Especially in the South, philanthropy has sometimes provided superficial atonement for anti-Black racism. Atlanta must do so much better. With leadership transitions at CFGA and other major nonprofit institutions upon us, I offer three goals as a call to action for addressing the mismatch between nonprofit institutional talk and walk.
"The lasting memory I’ll have of him is how much he made me and my community feel seen and known, especially during a time when we were the most in need of help," writes Asian Americans Advancing Justice—Atlanta founder Helen Kim Ho.
Commentary: An ex-pat Atlantan and former CDC staffer on what we could learn from nearly coronavirus-free New Zealand
My children are back at school. We eat out at restaurants. No one wears masks, and no one is concerned. This isn’t a wild dream; this is New Zealand.
Western culture idolizes feeling good, making us chronically incapable of facing human fragility. People shun discussions of death. They fear talking about grief. If you haven’t yet squirmed in grief’s grip, I’m sorry to say, it’s ahead.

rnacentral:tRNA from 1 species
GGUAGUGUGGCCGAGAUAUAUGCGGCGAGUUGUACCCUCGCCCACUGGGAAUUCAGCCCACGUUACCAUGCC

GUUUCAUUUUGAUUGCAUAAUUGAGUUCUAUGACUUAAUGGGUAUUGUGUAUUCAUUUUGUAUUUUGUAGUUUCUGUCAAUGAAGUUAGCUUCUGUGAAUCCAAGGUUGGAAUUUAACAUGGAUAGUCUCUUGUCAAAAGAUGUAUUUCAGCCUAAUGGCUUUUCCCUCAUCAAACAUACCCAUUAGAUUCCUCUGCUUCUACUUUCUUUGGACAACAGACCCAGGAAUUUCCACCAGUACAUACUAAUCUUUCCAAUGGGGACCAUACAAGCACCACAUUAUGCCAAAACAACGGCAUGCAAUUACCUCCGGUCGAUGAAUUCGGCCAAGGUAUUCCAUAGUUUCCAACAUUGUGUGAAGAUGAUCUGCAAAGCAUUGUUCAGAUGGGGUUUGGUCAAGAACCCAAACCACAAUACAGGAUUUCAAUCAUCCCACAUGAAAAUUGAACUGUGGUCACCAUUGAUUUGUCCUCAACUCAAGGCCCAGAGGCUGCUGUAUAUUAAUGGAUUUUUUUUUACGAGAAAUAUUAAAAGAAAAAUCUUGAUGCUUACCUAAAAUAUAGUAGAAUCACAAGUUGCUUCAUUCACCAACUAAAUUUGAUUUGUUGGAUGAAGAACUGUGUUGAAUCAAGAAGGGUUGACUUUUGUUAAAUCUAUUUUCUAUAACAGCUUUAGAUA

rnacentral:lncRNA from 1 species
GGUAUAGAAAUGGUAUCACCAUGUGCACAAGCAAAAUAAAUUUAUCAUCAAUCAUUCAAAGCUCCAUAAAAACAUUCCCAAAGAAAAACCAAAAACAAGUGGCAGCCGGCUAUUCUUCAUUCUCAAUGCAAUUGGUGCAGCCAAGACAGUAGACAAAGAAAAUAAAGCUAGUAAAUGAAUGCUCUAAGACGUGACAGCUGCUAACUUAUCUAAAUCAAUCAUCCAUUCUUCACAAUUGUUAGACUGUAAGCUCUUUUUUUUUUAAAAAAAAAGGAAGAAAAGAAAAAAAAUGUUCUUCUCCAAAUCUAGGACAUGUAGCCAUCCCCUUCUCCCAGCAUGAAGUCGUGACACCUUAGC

This time of unrest offers the chance to take a different path forward and lead the Atlanta region, the South, and the nation toward a more equitable future. We must take the lessons (both good and bad) from our courageous past to realize a New Atlanta Way.
Do you promote the individual health of the constituents of our world, or do you promote somebody’s idea of the “economy"?
In Atlanta, we can be spread out without forfeiting the existential balm of seeing a variety of other people. But nothing makes the details shine like just walking around.
Former Atlanta magazine editor Rebecca Burns, on vacation in Austria last week as COVID-19 was declared a pandemic, describes what it was like to watch the disaster response unfold in two countries at once.